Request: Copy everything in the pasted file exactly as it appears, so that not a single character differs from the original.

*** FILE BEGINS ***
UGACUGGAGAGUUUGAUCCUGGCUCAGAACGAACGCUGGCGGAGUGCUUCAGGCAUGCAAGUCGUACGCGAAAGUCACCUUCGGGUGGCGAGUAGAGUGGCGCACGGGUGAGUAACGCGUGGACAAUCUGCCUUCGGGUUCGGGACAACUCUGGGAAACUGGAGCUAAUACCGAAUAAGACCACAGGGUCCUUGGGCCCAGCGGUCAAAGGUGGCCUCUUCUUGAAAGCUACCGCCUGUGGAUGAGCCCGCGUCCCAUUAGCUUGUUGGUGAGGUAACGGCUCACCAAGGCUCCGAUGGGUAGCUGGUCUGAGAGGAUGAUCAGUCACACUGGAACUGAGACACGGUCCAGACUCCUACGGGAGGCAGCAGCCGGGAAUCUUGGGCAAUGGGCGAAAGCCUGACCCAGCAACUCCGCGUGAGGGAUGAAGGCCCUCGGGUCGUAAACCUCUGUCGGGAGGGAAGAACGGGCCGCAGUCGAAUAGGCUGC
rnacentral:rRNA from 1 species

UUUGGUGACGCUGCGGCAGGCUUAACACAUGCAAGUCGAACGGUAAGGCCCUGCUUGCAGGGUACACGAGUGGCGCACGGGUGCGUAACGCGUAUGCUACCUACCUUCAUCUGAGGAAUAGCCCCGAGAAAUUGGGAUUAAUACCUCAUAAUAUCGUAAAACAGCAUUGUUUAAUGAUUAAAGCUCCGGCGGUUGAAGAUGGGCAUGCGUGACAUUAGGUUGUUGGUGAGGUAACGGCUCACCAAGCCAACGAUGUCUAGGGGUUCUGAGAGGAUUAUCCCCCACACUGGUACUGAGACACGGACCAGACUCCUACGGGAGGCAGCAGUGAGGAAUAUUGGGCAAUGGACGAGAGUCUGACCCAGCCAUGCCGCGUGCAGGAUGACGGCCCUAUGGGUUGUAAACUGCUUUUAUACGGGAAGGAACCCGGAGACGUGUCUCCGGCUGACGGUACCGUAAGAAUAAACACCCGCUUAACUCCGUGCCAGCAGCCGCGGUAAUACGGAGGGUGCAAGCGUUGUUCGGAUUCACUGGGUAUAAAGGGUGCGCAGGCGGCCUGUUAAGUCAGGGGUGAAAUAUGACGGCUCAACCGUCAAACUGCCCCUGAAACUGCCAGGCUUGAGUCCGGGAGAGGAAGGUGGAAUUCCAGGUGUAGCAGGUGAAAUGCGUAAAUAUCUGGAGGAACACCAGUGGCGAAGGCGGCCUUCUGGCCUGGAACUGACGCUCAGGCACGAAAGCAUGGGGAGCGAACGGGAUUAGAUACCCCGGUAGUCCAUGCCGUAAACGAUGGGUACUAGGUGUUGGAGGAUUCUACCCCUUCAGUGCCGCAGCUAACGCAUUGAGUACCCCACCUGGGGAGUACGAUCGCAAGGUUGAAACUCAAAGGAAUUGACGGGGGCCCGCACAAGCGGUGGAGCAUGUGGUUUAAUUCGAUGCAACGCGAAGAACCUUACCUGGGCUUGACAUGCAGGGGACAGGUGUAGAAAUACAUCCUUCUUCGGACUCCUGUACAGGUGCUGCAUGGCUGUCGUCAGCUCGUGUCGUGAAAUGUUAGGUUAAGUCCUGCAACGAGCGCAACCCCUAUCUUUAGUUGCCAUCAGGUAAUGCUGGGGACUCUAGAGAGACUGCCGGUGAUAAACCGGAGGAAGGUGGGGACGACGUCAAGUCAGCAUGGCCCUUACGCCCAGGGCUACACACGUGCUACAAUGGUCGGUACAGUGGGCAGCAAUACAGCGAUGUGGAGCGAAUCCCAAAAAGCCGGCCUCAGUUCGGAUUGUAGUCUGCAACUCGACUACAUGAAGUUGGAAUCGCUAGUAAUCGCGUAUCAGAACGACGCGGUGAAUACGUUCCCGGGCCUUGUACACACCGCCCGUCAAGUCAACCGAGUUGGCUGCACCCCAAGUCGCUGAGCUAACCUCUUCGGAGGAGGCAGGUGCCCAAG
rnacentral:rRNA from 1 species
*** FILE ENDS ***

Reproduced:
UGACUGGAGAGUUUGAUCCUGGCUCAGAACGAACGCUGGCGGAGUGCUUCAGGCAUGCAAGUCGUACGCGAAAGUCACCUUCGGGUGGCGAGUAGAGUGGCGCACGGGUGAGUAACGCGUGGACAAUCUGCCUUCGGGUUCGGGACAACUCUGGGAAACUGGAGCUAAUACCGAAUAAGACCACAGGGUCCUUGGGCCCAGCGGUCAAAGGUGGCCUCUUCUUGAAAGCUACCGCCUGUGGAUGAGCCCGCGUCCCAUUAGCUUGUUGGUGAGGUAACGGCUCACCAAGGCUCCGAUGGGUAGCUGGUCUGAGAGGAUGAUCAGUCACACUGGAACUGAGACACGGUCCAGACUCCUACGGGAGGCAGCAGCCGGGAAUCUUGGGCAAUGGGCGAAAGCCUGACCCAGCAACUCCGCGUGAGGGAUGAAGGCCCUCGGGUCGUAAACCUCUGUCGGGAGGGAAGAACGGGCCGCAGUCGAAUAGGCUGC
rnacentral:rRNA from 1 species

UUUGGUGACGCUGCGGCAGGCUUAACACAUGCAAGUCGAACGGUAAGGCCCUGCUUGCAGGGUACACGAGUGGCGCACGGGUGCGUAACGCGUAUGCUACCUACCUUCAUCUGAGGAAUAGCCCCGAGAAAUUGGGAUUAAUACCUCAUAAUAUCGUAAAACAGCAUUGUUUAAUGAUUAAAGCUCCGGCGGUUGAAGAUGGGCAUGCGUGACAUUAGGUUGUUGGUGAGGUAACGGCUCACCAAGCCAACGAUGUCUAGGGGUUCUGAGAGGAUUAUCCCCCACACUGGUACUGAGACACGGACCAGACUCCUACGGGAGGCAGCAGUGAGGAAUAUUGGGCAAUGGACGAGAGUCUGACCCAGCCAUGCCGCGUGCAGGAUGACGGCCCUAUGGGUUGUAAACUGCUUUUAUACGGGAAGGAACCCGGAGACGUGUCUCCGGCUGACGGUACCGUAAGAAUAAACACCCGCUUAACUCCGUGCCAGCAGCCGCGGUAAUACGGAGGGUGCAAGCGUUGUUCGGAUUCACUGGGUAUAAAGGGUGCGCAGGCGGCCUGUUAAGUCAGGGGUGAAAUAUGACGGCUCAACCGUCAAACUGCCCCUGAAACUGCCAGGCUUGAGUCCGGGAGAGGAAGGUGGAAUUCCAGGUGUAGCAGGUGAAAUGCGUAAAUAUCUGGAGGAACACCAGUGGCGAAGGCGGCCUUCUGGCCUGGAACUGACGCUCAGGCACGAAAGCAUGGGGAGCGAACGGGAUUAGAUACCCCGGUAGUCCAUGCCGUAAACGAUGGGUACUAGGUGUUGGAGGAUUCUACCCCUUCAGUGCCGCAGCUAACGCAUUGAGUACCCCACCUGGGGAGUACGAUCGCAAGGUUGAAACUCAAAGGAAUUGACGGGGGCCCGCACAAGCGGUGGAGCAUGUGGUUUAAUUCGAUGCAACGCGAAGAACCUUACCUGGGCUUGACAUGCAGGGGACAGGUGUAGAAAUACAUCCUUCUUCGGACUCCUGUACAGGUGCUGCAUGGCUGUCGUCAGCUCGUGUCGUGAAAUGUUAGGUUAAGUCCUGCAACGAGCGCAACCCCUAUCUUUAGUUGCCAUCAGGUAAUGCUGGGGACUCUAGAGAGACUGCCGGUGAUAAACCGGAGGAAGGUGGGGACGACGUCAAGUCAGCAUGGCCCUUACGCCCAGGGCUACACACGUGCUACAAUGGUCGGUACAGUGGGCAGCAAUACAGCGAUGUGGAGCGAAUCCCAAAAAGCCGGCCUCAGUUCGGAUUGUAGUCUGCAACUCGACUACAUGAAGUUGGAAUCGCUAGUAAUCGCGUAUCAGAACGACGCGGUGAAUACGUUCCCGGGCCUUGUACACACCGCCCGUCAAGUCAACCGAGUUGGCUGCACCCCAAGUCGCUGAGCUAACCUCUUCGGAGGAGGCAGGUGCCCAAG
rnacentral:rRNA from 1 species